But he began to care all right when Plastic Penny couldn`t keep up with the Great Hit Parade Carnival. They went down and down and Nigel went with them. It was a bad scene and when the group split it got worse. A star one minute. A nobody the next.
A tour of the States with Spencer Davis and some gigs with Uriah Heep brought in some bread but it was still nowhere land for Nigel Olsson. However at that time a guy called Elton John was beginning to make a big impact.
“Dee Murray and I joined him for a gig at the Roundhouse. We rehearsed together beforehand and it was incredible. Everything went so exactly right for us. We got right into it from the beginning.”
The rest is pop history. Elton took the band on tour to the States and was a fantastic success. Now he is in that strange aristocracy of the business which writers have labelled “The Superstars”.
Does Elton deserve to be a superstar?
“I don`t really like that description. It can mean a lot of things. But if anyone is a superstar then Elton is. He worked so incredibly hard for the band in the States. He never seemed to stop working. That man`s a lunatic but an incredible, marvellous lunatic.
“Things haven`t changed for us. It is like it has always been. We are all friends together and it is like a big family. There have never been any arguments. I guess that`s because we all know exactly where it`s at when we are together.”


Later this month Olsson goes on the road again with Elton, this time around the world. The tour will take in America and then zig-zag about Asia.
Is the band more popular in the States than England?
“I guess it must be, simply because we have done so much work over there. I was absolutely knocked out by some of the receptions we got and some of the nice things said about me.”
And nice things they were too. The New York Times described his drumming as “beyond breathtaking” and Cashbox enthused: “He`s growing into one of rock`s finest drummers.”
Does it worry him that the band is more popular over there than in England?
“Yes, I suppose it does. It is always nice to make it really work in your own country, but there is so much work in the States and of course there`s a lot of bread to be made there.”
For his first solo album, Olsson used material mainly written by himself, Quaye and Grabham. The formula is broadly the same for his second Drum Orchestra album which he has already almost completed. All that remains to be done is to add vocals by Kathi McDonald and Claudia Linnear. It was hoped they could get over here for the cuts but now the plan is that they will do the vocals in the States during Elton`s tour.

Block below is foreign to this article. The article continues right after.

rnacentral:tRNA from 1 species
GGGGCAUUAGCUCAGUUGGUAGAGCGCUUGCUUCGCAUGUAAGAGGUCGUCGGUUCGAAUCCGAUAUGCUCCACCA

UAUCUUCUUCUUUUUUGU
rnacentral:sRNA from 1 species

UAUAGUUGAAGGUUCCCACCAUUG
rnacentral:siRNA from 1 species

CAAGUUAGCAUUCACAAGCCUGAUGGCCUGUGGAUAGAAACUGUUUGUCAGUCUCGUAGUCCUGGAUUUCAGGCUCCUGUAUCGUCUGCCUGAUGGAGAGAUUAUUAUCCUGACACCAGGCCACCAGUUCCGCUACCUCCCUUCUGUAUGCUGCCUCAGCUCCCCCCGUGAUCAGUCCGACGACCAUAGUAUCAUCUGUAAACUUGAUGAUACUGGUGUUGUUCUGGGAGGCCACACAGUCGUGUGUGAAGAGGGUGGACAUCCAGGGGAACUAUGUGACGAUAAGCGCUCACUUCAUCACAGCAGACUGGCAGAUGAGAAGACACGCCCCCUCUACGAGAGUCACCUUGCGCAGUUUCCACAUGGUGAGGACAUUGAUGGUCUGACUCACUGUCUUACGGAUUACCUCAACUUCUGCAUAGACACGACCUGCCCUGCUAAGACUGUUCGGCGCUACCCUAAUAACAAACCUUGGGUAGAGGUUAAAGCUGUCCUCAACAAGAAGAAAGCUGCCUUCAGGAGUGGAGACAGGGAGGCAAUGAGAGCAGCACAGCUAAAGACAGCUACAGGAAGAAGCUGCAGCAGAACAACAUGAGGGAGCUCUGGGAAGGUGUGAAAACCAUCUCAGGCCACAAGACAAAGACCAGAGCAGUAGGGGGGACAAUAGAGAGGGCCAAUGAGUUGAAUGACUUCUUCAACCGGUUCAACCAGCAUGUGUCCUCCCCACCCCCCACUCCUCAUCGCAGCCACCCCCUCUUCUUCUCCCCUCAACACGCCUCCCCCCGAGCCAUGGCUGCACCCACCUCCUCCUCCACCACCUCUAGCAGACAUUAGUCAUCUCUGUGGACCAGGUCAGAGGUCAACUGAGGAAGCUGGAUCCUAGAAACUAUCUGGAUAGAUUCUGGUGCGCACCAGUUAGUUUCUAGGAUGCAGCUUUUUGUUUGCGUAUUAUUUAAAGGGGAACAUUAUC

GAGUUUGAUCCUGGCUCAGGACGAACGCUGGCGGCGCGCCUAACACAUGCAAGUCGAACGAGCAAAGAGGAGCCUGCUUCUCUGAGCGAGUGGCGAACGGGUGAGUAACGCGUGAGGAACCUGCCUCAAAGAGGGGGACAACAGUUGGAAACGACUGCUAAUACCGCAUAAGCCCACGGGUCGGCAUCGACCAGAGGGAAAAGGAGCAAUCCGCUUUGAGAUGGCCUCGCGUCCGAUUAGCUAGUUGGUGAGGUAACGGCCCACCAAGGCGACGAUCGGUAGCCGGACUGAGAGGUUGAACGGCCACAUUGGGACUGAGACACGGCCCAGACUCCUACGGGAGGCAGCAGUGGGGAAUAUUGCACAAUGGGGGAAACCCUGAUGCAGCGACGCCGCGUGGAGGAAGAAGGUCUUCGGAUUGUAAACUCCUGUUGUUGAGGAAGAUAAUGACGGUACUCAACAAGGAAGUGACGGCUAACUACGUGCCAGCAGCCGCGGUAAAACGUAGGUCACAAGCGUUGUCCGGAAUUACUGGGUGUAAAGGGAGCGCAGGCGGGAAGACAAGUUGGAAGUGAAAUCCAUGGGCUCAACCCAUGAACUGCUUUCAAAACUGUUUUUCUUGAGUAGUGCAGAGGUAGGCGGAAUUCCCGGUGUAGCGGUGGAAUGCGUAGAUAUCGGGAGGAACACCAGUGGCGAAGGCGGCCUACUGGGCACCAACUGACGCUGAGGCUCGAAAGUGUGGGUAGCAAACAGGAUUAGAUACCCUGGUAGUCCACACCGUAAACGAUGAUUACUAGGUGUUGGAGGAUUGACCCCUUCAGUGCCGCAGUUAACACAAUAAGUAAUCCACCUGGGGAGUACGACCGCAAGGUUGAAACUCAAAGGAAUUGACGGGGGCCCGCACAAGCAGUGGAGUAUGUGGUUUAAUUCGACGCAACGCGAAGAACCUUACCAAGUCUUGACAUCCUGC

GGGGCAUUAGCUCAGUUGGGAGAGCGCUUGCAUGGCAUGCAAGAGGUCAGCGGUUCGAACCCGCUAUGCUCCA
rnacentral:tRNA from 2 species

The Drum Orchestra production is Nigel`s work and he is very enthusiastic about doing a lot more. He is also keen to put his own band on the road some time in the future. “I would like to have about 14 musicians travelling together. I know it would work and we shall see it through when we have got it together.”
Other plans gaining momentum are a farmhouse in Essex, part of which will be converted into a studio, and his own record company. In January he will also be recording a new album with Elton. The music business and Nigel Olsson certainly aren`t going to be parted for some time yet it seems.
“It is just that I am completely into music. There is nothing else I want to do. I`m utterly freaked out on music – a music freak if you like.
“I have never been so happy. Yet I realise that in this business one day you can be up and the next day everything may be ruined. I know I could never do a 9-5 job again.”


I have personally transcribed this from the original paper. Any errors in the text from the original magazine may not have been corrected for the sake of accuracy. If you have a music-related web-page where this fits – please make a link to the article. With credits to the original writer of the article from all of us music fans!

This number of Sounds also contains articles/interviews with these people: Stu Cook (Creedence), Stray, Seatrain, Arthur Brown, Cambridge Folk Festival, Don Everly, Herbie Hancock, Rod Demick and Ernie Graham, Fairport Convention, John Lennon and Yoko Ono, Dave Cousins, Taj Mahal, Kid Jensen, Ray Fisher.

The original music paper this article came from (pictured at the top) is for sale!

1. Send me an e-mail if you are interested. Send it to: geirmykl@gmail.com
2. The offer should be 20 $ (US Dollars) to be considered. (This includes postage).
3. We conduct the transaction through my verified Paypal account for the safety of both parties.